Inside CT Politics 01/20/05

I have just received an email from a member of the Connecticut Democratic State Central Committee confirming:

DSCC met last night to elect new officers-

Chairman: Nancy DiNardo replacing George Jepsen
Vice-Chairman: Rep. Steve Fontana replacing Dot Mrowka
Secretary: Barbara Gordon
Treasurer: Emma Pierce replacing Ella Cromwell

The new term begins February 1.

I'm excited about the new leadership, and I wish them well.

Wednesday: Politics, Technology and Media

Today, Kim is testifying before the Government Administration and Elections committee in Hartford on electoral and campaign finance reform. You can see the text of her testimony here.

This makes me a WAHD, (Work at home Dad) today. I'm getting a few things done, but will need to be toddler taxi service shortly.

Playing with Technology

Yesterday, I met with a venture capitalist about some financial services software. On the way to the meeting, my car broke down. With all of that, I started the day a few hundred emails behind. I managed to catch up a little bit, but then I met with Lars Toomre

I worked with Lars starting back in the 80s and we’ve stayed in touch ever since. I introduced him to SmartCampaigns including CivicSpace and Media Wiki He is starting to set up his site, and I’ve gotten a few new ideas worth kicking around.

Inside CT Politics, 1/17/05

Saturday, Kim and I attended the Caucus of Connecticut Democrats legislative and electoral committees meeting. You can get details here.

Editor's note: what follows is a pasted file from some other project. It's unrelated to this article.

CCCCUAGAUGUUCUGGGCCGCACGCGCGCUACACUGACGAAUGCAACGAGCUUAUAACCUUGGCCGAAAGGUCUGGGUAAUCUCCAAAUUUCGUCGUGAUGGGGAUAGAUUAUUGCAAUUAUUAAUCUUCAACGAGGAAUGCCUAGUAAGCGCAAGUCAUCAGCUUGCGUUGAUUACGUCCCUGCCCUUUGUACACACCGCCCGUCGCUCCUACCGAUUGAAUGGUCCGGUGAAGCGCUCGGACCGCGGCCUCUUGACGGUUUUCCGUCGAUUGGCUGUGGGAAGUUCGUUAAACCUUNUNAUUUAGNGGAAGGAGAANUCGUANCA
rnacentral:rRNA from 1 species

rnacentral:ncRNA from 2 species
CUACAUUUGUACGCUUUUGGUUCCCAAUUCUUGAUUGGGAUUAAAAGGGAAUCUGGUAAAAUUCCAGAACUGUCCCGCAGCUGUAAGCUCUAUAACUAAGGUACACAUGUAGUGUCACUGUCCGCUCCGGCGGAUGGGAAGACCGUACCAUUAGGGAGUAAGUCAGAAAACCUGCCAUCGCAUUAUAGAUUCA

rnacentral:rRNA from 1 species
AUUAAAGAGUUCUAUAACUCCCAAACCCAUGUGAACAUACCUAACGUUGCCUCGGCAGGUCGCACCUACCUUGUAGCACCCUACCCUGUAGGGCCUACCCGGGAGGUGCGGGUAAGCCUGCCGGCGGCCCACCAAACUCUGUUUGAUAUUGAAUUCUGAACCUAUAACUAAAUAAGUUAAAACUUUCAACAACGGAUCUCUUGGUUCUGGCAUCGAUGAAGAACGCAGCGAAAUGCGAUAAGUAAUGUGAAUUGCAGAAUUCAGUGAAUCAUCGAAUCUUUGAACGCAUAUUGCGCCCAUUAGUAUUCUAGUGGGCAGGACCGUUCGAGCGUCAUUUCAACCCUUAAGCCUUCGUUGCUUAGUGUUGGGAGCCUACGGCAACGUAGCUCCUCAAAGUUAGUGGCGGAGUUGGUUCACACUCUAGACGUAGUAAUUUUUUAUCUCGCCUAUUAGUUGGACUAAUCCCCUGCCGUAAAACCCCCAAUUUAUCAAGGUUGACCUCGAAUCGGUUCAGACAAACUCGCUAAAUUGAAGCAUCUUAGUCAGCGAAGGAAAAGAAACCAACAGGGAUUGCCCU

Kim is now planning to testify before the Government Administration and Elections committee public hearing on Wednesday about the importance of electoral and campaign finance reform.

We have also heard through the grapevine that Nancy DiNardo now has the votes to be elected State Chair. Many people feel that it is important to see a strong woman in this position since the leading spokesperson for the Republicans in Connecticut is also a woman. It is great to see more women in power.

Bias and Ethics

(Originally published in Greater Democracy)

The recent issues about Armstrong Williams’ dealing with the Department of Education has gotten many people to start talking a little more seriously about journalistic ethics, and this, I believe, is an unintended benefit. It seems as if too many journalists are far to distant from the ethics of their profession. Zephyr Teachout has extended this discussion to bloggers, and I feel that this is extremely important.

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